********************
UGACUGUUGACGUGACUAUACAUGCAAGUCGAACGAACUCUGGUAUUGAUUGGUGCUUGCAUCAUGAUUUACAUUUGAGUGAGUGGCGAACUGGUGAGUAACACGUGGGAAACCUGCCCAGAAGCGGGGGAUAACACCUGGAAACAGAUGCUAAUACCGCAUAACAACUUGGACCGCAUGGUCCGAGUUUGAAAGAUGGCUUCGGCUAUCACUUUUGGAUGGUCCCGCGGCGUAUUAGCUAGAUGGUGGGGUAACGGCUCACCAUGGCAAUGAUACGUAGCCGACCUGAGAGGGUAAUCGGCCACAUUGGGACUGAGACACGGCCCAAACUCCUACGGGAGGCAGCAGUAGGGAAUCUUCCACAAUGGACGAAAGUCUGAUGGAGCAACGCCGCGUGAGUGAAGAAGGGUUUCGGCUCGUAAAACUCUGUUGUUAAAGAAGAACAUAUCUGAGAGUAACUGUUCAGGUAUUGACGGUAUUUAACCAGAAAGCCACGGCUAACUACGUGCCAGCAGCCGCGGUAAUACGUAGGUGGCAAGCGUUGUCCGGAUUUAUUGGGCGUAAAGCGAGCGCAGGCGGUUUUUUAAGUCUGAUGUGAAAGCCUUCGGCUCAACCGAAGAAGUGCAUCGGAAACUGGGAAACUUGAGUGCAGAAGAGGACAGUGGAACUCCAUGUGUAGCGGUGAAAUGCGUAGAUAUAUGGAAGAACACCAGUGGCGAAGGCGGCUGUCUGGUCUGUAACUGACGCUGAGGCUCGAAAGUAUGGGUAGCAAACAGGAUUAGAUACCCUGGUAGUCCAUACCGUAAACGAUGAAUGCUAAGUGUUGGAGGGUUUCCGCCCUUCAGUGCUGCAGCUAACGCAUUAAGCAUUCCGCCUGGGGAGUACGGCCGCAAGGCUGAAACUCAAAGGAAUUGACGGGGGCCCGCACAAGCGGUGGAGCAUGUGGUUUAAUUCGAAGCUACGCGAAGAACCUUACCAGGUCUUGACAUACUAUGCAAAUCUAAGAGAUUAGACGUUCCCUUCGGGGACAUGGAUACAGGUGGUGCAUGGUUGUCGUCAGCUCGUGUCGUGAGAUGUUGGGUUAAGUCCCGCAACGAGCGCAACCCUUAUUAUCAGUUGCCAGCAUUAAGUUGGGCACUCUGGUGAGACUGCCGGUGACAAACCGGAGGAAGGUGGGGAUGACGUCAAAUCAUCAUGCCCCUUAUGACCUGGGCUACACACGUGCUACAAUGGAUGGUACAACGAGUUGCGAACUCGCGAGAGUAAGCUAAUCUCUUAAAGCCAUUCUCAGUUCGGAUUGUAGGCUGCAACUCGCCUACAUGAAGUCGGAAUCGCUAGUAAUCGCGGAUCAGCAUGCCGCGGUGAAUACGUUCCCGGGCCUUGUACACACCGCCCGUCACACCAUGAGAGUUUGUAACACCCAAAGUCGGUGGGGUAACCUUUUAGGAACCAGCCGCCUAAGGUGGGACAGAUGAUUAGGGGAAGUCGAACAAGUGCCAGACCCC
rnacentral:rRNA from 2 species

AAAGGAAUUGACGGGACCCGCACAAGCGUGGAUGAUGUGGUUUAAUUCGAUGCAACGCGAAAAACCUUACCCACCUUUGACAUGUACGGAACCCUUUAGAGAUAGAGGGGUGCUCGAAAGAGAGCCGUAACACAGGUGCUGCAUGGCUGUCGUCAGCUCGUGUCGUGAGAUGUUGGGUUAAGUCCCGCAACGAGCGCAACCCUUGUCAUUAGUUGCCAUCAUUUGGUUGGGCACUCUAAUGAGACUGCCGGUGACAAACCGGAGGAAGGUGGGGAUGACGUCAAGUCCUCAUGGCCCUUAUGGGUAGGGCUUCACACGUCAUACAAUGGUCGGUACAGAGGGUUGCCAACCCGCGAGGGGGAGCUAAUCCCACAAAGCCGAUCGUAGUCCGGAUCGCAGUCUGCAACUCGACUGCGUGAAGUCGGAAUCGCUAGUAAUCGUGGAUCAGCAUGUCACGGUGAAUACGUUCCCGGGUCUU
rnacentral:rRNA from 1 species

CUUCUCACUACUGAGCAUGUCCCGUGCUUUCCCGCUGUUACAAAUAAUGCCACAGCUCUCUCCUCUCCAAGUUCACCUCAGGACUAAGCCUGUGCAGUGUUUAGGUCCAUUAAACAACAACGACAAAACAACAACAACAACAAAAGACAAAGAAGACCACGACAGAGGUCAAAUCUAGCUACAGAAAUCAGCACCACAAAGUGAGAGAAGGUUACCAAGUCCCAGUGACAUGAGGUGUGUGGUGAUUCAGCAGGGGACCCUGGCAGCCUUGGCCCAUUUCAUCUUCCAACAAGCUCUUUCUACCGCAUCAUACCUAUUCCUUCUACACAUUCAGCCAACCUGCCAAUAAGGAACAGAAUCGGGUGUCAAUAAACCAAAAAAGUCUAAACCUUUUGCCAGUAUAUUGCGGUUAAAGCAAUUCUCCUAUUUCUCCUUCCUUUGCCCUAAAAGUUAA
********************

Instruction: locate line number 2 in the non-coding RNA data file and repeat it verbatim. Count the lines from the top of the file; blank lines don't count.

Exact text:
rnacentral:rRNA from 2 species